Thanksgiving Food Power Rankings
Every year for MassLive.com, Nick O'Malley constructs his Thanksgiving food power rankings. Today, he shared those contentious rankings with our listeners.
Here is our own Aaron Jackson's Turkey Day food power rankings and his reasoning behind each selection...
Stuffing: Here’s the thing about stuffing. It’s amazing. And no, I’m not talking about that stovetop mix you get at the grocery store. I’m talking about the real deal. I’m not sure who the first person is that decided to stuff their stale bread up a turkey's butt, but they deserve a medal of honor. If you don’t have someone that makes the real stuff in your family I’d recommend adopting someone that does because it’s that good.
Mashed Potatoes and Gravy: Again, I need the homemade stuff here. Really the day before Thanksgiving should be a national holiday just so families have more time to make things the right way. A little cream, a little butter, perhaps some cheese and garlic and you’ve got yourself heaven on earth. Make it even better with some piping hot gravy that gets all over everything but you don’t care. It’s all going to the same place.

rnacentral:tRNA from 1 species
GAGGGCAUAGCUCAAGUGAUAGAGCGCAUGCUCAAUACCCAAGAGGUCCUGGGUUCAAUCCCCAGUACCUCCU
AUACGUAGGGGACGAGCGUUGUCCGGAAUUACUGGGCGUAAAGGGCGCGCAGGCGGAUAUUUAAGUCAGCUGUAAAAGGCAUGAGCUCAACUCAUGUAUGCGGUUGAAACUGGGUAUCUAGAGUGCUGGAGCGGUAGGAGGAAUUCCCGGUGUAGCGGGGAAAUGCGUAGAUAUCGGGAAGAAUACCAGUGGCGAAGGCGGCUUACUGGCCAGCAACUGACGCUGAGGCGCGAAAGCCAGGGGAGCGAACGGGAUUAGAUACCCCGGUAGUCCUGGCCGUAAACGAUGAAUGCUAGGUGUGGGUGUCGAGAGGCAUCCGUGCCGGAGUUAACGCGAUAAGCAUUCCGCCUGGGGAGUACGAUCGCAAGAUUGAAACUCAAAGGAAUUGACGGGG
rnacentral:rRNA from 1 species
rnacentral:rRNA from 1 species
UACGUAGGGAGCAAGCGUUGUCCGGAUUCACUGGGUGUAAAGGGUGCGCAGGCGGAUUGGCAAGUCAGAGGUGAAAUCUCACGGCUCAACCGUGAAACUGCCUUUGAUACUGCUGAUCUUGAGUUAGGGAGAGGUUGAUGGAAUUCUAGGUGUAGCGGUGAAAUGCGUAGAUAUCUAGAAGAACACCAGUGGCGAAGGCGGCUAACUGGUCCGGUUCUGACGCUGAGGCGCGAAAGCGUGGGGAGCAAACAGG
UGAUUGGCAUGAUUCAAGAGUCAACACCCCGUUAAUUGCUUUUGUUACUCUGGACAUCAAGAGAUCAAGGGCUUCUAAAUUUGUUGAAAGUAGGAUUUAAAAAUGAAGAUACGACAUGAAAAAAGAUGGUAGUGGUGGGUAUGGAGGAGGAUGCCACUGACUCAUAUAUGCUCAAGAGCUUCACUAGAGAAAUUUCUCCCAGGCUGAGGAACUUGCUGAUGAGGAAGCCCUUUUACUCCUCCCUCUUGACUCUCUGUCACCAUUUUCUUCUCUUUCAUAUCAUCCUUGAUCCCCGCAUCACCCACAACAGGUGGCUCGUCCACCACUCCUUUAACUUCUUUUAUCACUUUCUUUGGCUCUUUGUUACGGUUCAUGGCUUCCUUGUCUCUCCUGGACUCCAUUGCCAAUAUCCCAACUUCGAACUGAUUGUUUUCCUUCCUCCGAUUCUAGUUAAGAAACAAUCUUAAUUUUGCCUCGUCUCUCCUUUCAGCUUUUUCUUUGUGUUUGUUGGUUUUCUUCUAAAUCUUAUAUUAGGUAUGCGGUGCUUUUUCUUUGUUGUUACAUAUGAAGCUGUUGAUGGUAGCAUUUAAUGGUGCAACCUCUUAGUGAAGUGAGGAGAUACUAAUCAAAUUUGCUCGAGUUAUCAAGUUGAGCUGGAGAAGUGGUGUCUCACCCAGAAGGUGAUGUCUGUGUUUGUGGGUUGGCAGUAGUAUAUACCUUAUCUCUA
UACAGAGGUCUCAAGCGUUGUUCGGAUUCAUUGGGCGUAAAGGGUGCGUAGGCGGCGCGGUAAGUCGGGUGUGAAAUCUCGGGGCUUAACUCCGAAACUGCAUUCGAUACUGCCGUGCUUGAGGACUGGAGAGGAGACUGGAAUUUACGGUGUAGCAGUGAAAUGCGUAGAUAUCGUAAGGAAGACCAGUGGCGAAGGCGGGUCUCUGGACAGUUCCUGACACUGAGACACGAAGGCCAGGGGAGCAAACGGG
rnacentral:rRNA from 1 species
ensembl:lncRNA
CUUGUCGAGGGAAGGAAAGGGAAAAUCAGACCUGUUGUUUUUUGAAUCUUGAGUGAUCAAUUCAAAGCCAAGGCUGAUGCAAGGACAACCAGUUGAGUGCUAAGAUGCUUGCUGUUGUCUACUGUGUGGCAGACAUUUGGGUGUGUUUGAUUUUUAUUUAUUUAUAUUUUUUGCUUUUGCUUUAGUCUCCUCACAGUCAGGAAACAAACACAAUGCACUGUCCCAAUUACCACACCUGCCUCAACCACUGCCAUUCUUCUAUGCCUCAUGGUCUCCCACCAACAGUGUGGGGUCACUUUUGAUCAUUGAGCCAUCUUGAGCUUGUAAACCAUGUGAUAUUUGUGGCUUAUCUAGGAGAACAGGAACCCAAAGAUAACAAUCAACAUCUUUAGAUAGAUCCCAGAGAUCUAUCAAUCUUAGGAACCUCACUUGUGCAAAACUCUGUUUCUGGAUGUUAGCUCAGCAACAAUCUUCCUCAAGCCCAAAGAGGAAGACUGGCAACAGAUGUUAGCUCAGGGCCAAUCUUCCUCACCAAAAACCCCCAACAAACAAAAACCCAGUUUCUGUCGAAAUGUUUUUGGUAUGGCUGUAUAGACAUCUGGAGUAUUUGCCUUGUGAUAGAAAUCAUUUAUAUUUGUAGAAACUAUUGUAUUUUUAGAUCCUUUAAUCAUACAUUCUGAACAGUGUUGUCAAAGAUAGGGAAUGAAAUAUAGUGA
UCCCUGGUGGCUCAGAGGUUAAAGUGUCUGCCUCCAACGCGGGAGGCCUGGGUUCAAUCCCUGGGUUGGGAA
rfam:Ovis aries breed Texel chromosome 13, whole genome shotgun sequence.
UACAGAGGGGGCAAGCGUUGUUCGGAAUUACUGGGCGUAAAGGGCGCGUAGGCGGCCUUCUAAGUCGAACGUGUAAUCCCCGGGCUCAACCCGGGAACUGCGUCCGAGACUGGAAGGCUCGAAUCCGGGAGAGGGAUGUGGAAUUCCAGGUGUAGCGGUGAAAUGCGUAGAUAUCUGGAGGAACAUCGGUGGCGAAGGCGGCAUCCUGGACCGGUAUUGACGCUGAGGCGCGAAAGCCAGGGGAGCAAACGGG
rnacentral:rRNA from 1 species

Mac and Cheese: Long live the carb filled sides. I once viewed mac and cheese as something that’s not required on Thanksgiving, but I’ve now realized the error of my ways. Give me the oven baked variety, filled with gooey cheese and topped with Ritz crackers. Want to take it up a notch? Add some jalapenos, hot sauce, and chicken. Now you’re talking.
Broccoli Casserole: It has broccoli in the title so it has to be healthy right? Again, cheese is the key here. The more the better. Broccoli is essentially just a filler if this is done right, to the point where it kind of just blends in with the cheese to create one texture. Again, Ritz crackers are a must over the top.
HAM: America, it’s time we wake up. Our ancestors made turkey on Thanksgiving, but it’s time to evolve. Your typical Thanksgiving turkey just isn’t that good. It’s dry, it’s difficult to cut into, and the flavor is just kind of plain. For the betterment of the country I say we substitute baked ham. You know the one I’m talking about, with the spiral cut and the maple mustard glaze. It’s tender, it’s moist, and full of delicious flavors. Join me this year in getting rid of the Thanksgiving turkey and replacing it with a Thanksgiving ham. That’s something we can all be thankful for.